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The way Dave Dombrowski chooses to see it, things will break the Boston Red Sox‘s way this season as long as the American League East turns into an arms race.

Forget all about the David Ortiz-sized hole in the middle of the batting order. And never mind Giancarlo Stanton teaming up with Aaron Judge in New York. Dombrowski believes the division will be decided by pitching, and the Red Sox president wouldn’t trade his staff for any other.

“If you told me right now that our starting rotation and our bullpen was going to stay healthy during the season, I’d take our chances right now with our club,” Dombrowski says. “I think we can compete with anybody because we’ve got some guys [who] can shut people down when they come out in big games.”

It’s true Chris Sale was the best pitcher in baseball for three quarters of last season before hitting a wall in August. Likewise, Craig Kimbrel had as dominant a year as you’ll see from a closer, at least until Game 4 of the division series against the Houston Astros.

But the Red Sox have bullpen questions in front of Kimbrel, chiefly whether Carson Smith and Tyler Thornburg can return from injuries to be reliable setup men. And then there’s the starting rotation, which had the fourth-best ERA in the league last year (4.06) but nevertheless is filled with uncertainty.

As pitchers and catchers report to Fort Myers, Florida, Monday and partake in their first workout Wednesday, here’s a look at the biggest issue facing each prospective Red Sox starting pitcher.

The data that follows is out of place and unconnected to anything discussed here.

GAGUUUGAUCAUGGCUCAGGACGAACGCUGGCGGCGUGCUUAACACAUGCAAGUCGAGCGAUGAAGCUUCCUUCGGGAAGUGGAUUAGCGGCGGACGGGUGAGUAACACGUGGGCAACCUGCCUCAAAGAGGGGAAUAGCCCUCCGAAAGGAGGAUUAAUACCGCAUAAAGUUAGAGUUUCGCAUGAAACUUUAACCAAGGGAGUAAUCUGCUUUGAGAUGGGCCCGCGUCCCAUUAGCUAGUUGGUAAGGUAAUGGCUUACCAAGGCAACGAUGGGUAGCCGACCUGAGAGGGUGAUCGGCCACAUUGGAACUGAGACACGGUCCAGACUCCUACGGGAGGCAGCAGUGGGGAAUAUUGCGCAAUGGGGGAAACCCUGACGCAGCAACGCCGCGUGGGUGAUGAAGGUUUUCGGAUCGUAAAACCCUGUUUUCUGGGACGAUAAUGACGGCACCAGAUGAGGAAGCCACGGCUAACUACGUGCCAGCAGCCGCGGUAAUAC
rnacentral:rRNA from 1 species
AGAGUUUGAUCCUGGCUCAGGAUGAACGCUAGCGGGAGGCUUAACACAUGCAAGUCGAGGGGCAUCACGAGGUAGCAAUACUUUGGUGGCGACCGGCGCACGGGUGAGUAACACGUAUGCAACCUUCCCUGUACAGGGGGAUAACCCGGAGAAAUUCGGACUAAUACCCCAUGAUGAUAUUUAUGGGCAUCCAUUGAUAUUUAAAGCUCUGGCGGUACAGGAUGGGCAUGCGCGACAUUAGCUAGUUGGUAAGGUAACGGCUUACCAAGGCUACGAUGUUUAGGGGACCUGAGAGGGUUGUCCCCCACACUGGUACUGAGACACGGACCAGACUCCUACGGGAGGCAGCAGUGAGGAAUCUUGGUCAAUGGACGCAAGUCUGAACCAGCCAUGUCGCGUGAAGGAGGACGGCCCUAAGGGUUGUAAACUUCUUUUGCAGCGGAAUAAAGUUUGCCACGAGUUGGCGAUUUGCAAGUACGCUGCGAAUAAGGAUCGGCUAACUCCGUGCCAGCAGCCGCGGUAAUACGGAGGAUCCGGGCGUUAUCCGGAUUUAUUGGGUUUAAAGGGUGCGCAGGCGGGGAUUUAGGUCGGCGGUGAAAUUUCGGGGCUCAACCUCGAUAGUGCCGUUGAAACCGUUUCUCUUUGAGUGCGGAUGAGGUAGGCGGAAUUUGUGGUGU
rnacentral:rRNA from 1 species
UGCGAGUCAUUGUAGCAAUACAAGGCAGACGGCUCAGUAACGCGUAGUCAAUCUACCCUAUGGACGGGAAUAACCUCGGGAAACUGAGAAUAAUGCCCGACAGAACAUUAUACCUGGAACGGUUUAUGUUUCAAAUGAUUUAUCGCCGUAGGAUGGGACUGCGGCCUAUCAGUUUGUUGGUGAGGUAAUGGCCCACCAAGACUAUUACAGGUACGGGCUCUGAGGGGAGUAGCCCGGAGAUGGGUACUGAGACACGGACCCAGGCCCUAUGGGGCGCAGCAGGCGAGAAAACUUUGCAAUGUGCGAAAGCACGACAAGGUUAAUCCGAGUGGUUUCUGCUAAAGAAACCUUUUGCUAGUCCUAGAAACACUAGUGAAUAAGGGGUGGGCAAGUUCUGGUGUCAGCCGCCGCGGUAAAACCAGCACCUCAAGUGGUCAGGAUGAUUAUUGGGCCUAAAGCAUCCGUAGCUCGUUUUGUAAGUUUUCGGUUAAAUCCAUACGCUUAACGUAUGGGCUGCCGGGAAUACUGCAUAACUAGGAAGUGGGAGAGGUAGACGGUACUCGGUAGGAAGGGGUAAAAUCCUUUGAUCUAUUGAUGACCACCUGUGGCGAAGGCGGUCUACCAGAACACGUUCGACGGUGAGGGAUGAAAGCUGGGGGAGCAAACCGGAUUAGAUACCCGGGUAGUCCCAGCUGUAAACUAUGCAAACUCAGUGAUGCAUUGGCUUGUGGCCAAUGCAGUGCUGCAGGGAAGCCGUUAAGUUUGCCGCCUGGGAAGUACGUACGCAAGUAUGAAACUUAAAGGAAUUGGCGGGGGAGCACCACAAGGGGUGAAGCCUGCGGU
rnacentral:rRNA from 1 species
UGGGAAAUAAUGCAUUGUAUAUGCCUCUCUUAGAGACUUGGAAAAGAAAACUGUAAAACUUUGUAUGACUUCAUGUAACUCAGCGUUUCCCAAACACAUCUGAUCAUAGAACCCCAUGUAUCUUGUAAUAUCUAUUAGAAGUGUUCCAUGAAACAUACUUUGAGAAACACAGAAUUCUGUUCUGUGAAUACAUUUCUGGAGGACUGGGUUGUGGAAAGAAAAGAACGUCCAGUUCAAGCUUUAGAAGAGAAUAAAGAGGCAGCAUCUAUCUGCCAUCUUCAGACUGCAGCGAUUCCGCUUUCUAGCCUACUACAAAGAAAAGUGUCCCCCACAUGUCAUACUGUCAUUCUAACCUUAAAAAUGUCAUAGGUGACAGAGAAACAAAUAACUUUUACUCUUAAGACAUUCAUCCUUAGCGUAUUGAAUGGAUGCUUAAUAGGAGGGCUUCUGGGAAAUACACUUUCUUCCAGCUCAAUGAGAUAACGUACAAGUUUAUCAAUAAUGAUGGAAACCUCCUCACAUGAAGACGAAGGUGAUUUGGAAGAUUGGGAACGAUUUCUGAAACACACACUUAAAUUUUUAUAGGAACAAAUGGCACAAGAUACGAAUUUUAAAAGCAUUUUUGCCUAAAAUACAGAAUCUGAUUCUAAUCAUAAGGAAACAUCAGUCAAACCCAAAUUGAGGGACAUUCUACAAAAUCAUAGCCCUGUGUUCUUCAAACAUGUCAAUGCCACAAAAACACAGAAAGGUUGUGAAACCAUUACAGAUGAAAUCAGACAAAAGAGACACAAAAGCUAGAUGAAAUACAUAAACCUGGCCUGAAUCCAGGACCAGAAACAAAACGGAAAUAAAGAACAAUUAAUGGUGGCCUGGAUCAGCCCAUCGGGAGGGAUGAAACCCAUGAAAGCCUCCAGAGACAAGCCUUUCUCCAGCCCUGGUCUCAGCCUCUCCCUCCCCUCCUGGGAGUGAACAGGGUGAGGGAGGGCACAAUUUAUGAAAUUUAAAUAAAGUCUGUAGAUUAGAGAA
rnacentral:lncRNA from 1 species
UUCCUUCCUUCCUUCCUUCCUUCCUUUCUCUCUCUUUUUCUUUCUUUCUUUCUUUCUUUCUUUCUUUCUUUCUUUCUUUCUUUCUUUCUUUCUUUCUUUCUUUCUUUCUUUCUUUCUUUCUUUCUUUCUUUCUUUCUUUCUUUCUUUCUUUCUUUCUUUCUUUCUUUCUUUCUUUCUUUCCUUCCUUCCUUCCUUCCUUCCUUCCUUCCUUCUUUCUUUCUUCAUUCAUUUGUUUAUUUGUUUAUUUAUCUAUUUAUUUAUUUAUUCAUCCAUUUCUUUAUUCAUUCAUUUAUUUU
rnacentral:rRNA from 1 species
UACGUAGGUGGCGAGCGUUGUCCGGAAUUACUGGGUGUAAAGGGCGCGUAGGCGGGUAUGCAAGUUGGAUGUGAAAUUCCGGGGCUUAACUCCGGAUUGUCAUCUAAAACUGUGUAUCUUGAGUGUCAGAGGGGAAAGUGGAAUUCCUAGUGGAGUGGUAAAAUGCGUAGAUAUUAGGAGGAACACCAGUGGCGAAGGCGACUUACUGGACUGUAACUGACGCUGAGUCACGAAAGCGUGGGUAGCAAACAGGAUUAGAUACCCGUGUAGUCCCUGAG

Chris Sale: Start to finish

Sale had a 2.37 ERA and gave up 11 home runs in 148 1/3 innings through the end of last July. But over his final 11 regular-season starts, he had a 4.09 ERA and gave up 13 homers in 66 innings. Then, in Game 1 against the Astros, he allowed seven runs on three homers in five innings.

Quite simply, Sale hit a wall. It’s happened before, too. His career ERA before the All-Star break (2.74) is half a run lower than after the break (3.28), while his home-run rate jumps from 0.78 per nine innings to 1.11. And in the final month of the season, those numbers skyrocket to 3.78 and 1.51.

But at least Sale is aware of the problem and intent on fixing it. He “won’t spill the beans” about changes he’s making with new pitching coach Dana LeVangie, but suggested a more gradual build-up of his throwing program. After striking out 308 batters last season, the most by an AL pitcher since Pedro Martinez in 1999, Sale also hinted at being more economical.

“I don’t think I need to dial it back. I think I just need to eliminate waste pitches,” Sale said recently. “I’d love to be able to get to the sixth inning on a very regular basis with 80-85 pitches. Easier said than done, and it looks good on paper, but those are kind of the things we’ve been talking about.”

David Price: Head games

Price missed the first two months and another eight weeks last season with an elbow injury, the specificity of which was never revealed. Regardless, the lefty’s head was every bit as big a problem as his arm.

From his feud with local media to needlessly deriding Hall of Famer Dennis Eckersley on the team plane over an innocuous comment during a television broadcast, Price raised a whole new set of questions about his ability to thrive amid the deafening noise that exists in the sports-obsessed fishbowl known as Boston.

Price’s dominance out of the bullpen down the stretch and in the playoffs signaled his elbow was healthier. By all accounts, he has had a relatively typical offseason as he prepares to re-enter the rotation. But with a chance to opt out of his seven-year, $217 million contract after this season, what about Price’s mindset?